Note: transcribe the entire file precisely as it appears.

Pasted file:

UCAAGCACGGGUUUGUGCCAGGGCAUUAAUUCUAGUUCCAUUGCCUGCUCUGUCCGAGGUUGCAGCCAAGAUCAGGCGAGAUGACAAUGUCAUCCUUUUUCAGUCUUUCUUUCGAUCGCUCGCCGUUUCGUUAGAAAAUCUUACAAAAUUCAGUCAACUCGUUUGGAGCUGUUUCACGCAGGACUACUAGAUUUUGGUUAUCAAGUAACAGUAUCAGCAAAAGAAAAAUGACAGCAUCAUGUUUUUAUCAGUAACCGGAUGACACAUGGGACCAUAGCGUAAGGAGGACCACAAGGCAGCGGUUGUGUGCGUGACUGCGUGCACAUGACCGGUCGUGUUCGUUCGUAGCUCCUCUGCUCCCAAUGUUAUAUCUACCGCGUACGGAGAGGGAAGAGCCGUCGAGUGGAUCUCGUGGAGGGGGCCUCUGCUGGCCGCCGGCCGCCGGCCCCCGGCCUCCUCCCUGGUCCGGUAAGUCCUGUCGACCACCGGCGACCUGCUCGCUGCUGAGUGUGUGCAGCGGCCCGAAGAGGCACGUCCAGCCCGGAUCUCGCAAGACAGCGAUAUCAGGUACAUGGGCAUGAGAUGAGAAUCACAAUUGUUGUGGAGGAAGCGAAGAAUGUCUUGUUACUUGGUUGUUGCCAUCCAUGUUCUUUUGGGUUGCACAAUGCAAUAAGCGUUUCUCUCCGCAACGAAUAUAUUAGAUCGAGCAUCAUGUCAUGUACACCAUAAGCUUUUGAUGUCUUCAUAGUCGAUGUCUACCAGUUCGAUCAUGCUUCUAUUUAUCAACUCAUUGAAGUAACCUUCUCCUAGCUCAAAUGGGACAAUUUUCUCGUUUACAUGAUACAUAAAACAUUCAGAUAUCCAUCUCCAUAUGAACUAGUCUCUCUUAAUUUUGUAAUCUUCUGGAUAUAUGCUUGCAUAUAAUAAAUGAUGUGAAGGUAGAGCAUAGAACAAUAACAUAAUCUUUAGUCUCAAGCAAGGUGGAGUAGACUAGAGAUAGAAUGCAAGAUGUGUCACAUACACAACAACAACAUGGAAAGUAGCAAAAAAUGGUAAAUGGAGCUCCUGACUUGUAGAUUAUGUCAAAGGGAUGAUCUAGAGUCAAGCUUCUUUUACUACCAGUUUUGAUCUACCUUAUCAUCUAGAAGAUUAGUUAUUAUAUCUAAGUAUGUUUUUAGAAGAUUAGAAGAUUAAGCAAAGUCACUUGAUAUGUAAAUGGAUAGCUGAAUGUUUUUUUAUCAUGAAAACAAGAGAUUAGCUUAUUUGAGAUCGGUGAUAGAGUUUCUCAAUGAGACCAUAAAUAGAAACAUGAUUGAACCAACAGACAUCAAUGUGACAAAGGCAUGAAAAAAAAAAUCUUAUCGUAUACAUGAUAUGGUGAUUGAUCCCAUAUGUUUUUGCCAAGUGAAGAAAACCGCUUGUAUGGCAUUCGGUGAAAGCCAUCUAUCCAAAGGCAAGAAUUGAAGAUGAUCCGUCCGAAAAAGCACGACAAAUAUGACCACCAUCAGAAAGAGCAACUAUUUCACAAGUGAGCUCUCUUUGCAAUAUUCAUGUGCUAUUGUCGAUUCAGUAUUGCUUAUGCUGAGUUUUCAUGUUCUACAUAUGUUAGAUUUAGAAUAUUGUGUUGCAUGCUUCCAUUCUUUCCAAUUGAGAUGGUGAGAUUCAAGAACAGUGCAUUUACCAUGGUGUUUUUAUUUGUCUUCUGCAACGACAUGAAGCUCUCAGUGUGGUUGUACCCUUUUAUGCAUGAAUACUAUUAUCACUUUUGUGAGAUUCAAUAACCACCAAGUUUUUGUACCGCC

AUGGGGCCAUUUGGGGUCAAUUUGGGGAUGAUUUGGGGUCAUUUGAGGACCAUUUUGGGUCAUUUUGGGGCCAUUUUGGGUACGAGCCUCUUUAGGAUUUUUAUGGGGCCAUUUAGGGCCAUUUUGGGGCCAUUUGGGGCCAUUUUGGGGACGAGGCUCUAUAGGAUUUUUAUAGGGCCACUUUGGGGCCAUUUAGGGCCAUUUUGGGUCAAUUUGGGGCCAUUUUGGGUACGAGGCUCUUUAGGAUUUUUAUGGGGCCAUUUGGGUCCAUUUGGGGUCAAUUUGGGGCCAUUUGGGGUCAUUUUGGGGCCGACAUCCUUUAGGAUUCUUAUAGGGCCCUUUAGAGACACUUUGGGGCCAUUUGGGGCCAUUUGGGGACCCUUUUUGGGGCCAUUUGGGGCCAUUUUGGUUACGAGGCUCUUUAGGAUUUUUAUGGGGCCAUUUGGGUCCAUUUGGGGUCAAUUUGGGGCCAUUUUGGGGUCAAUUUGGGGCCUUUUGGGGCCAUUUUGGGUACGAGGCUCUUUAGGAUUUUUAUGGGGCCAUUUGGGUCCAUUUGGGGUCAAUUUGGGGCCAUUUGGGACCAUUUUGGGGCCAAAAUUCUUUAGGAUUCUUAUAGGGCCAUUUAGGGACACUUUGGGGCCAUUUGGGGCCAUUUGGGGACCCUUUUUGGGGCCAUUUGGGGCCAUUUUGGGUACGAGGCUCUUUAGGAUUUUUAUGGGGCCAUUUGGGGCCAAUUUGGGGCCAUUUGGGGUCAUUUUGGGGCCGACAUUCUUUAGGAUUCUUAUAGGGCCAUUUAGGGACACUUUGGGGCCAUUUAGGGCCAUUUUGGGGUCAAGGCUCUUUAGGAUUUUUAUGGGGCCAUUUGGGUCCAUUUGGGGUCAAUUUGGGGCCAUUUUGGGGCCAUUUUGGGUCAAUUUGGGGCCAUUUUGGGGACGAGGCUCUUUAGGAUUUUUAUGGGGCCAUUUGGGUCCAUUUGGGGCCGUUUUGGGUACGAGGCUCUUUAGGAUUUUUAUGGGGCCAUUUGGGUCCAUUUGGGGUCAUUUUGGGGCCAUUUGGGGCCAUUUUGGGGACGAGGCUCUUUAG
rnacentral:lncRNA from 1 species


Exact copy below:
UCAAGCACGGGUUUGUGCCAGGGCAUUAAUUCUAGUUCCAUUGCCUGCUCUGUCCGAGGUUGCAGCCAAGAUCAGGCGAGAUGACAAUGUCAUCCUUUUUCAGUCUUUCUUUCGAUCGCUCGCCGUUUCGUUAGAAAAUCUUACAAAAUUCAGUCAACUCGUUUGGAGCUGUUUCACGCAGGACUACUAGAUUUUGGUUAUCAAGUAACAGUAUCAGCAAAAGAAAAAUGACAGCAUCAUGUUUUUAUCAGUAACCGGAUGACACAUGGGACCAUAGCGUAAGGAGGACCACAAGGCAGCGGUUGUGUGCGUGACUGCGUGCACAUGACCGGUCGUGUUCGUUCGUAGCUCCUCUGCUCCCAAUGUUAUAUCUACCGCGUACGGAGAGGGAAGAGCCGUCGAGUGGAUCUCGUGGAGGGGGCCUCUGCUGGCCGCCGGCCGCCGGCCCCCGGCCUCCUCCCUGGUCCGGUAAGUCCUGUCGACCACCGGCGACCUGCUCGCUGCUGAGUGUGUGCAGCGGCCCGAAGAGGCACGUCCAGCCCGGAUCUCGCAAGACAGCGAUAUCAGGUACAUGGGCAUGAGAUGAGAAUCACAAUUGUUGUGGAGGAAGCGAAGAAUGUCUUGUUACUUGGUUGUUGCCAUCCAUGUUCUUUUGGGUUGCACAAUGCAAUAAGCGUUUCUCUCCGCAACGAAUAUAUUAGAUCGAGCAUCAUGUCAUGUACACCAUAAGCUUUUGAUGUCUUCAUAGUCGAUGUCUACCAGUUCGAUCAUGCUUCUAUUUAUCAACUCAUUGAAGUAACCUUCUCCUAGCUCAAAUGGGACAAUUUUCUCGUUUACAUGAUACAUAAAACAUUCAGAUAUCCAUCUCCAUAUGAACUAGUCUCUCUUAAUUUUGUAAUCUUCUGGAUAUAUGCUUGCAUAUAAUAAAUGAUGUGAAGGUAGAGCAUAGAACAAUAACAUAAUCUUUAGUCUCAAGCAAGGUGGAGUAGACUAGAGAUAGAAUGCAAGAUGUGUCACAUACACAACAACAACAUGGAAAGUAGCAAAAAAUGGUAAAUGGAGCUCCUGACUUGUAGAUUAUGUCAAAGGGAUGAUCUAGAGUCAAGCUUCUUUUACUACCAGUUUUGAUCUACCUUAUCAUCUAGAAGAUUAGUUAUUAUAUCUAAGUAUGUUUUUAGAAGAUUAGAAGAUUAAGCAAAGUCACUUGAUAUGUAAAUGGAUAGCUGAAUGUUUUUUUAUCAUGAAAACAAGAGAUUAGCUUAUUUGAGAUCGGUGAUAGAGUUUCUCAAUGAGACCAUAAAUAGAAACAUGAUUGAACCAACAGACAUCAAUGUGACAAAGGCAUGAAAAAAAAAAUCUUAUCGUAUACAUGAUAUGGUGAUUGAUCCCAUAUGUUUUUGCCAAGUGAAGAAAACCGCUUGUAUGGCAUUCGGUGAAAGCCAUCUAUCCAAAGGCAAGAAUUGAAGAUGAUCCGUCCGAAAAAGCACGACAAAUAUGACCACCAUCAGAAAGAGCAACUAUUUCACAAGUGAGCUCUCUUUGCAAUAUUCAUGUGCUAUUGUCGAUUCAGUAUUGCUUAUGCUGAGUUUUCAUGUUCUACAUAUGUUAGAUUUAGAAUAUUGUGUUGCAUGCUUCCAUUCUUUCCAAUUGAGAUGGUGAGAUUCAAGAACAGUGCAUUUACCAUGGUGUUUUUAUUUGUCUUCUGCAACGACAUGAAGCUCUCAGUGUGGUUGUACCCUUUUAUGCAUGAAUACUAUUAUCACUUUUGUGAGAUUCAAUAACCACCAAGUUUUUGUACCGCC

AUGGGGCCAUUUGGGGUCAAUUUGGGGAUGAUUUGGGGUCAUUUGAGGACCAUUUUGGGUCAUUUUGGGGCCAUUUUGGGUACGAGCCUCUUUAGGAUUUUUAUGGGGCCAUUUAGGGCCAUUUUGGGGCCAUUUGGGGCCAUUUUGGGGACGAGGCUCUAUAGGAUUUUUAUAGGGCCACUUUGGGGCCAUUUAGGGCCAUUUUGGGUCAAUUUGGGGCCAUUUUGGGUACGAGGCUCUUUAGGAUUUUUAUGGGGCCAUUUGGGUCCAUUUGGGGUCAAUUUGGGGCCAUUUGGGGUCAUUUUGGGGCCGACAUCCUUUAGGAUUCUUAUAGGGCCCUUUAGAGACACUUUGGGGCCAUUUGGGGCCAUUUGGGGACCCUUUUUGGGGCCAUUUGGGGCCAUUUUGGUUACGAGGCUCUUUAGGAUUUUUAUGGGGCCAUUUGGGUCCAUUUGGGGUCAAUUUGGGGCCAUUUUGGGGUCAAUUUGGGGCCUUUUGGGGCCAUUUUGGGUACGAGGCUCUUUAGGAUUUUUAUGGGGCCAUUUGGGUCCAUUUGGGGUCAAUUUGGGGCCAUUUGGGACCAUUUUGGGGCCAAAAUUCUUUAGGAUUCUUAUAGGGCCAUUUAGGGACACUUUGGGGCCAUUUGGGGCCAUUUGGGGACCCUUUUUGGGGCCAUUUGGGGCCAUUUUGGGUACGAGGCUCUUUAGGAUUUUUAUGGGGCCAUUUGGGGCCAAUUUGGGGCCAUUUGGGGUCAUUUUGGGGCCGACAUUCUUUAGGAUUCUUAUAGGGCCAUUUAGGGACACUUUGGGGCCAUUUAGGGCCAUUUUGGGGUCAAGGCUCUUUAGGAUUUUUAUGGGGCCAUUUGGGUCCAUUUGGGGUCAAUUUGGGGCCAUUUUGGGGCCAUUUUGGGUCAAUUUGGGGCCAUUUUGGGGACGAGGCUCUUUAGGAUUUUUAUGGGGCCAUUUGGGUCCAUUUGGGGCCGUUUUGGGUACGAGGCUCUUUAGGAUUUUUAUGGGGCCAUUUGGGUCCAUUUGGGGUCAUUUUGGGGCCAUUUGGGGCCAUUUUGGGGACGAGGCUCUUUAG
rnacentral:lncRNA from 1 species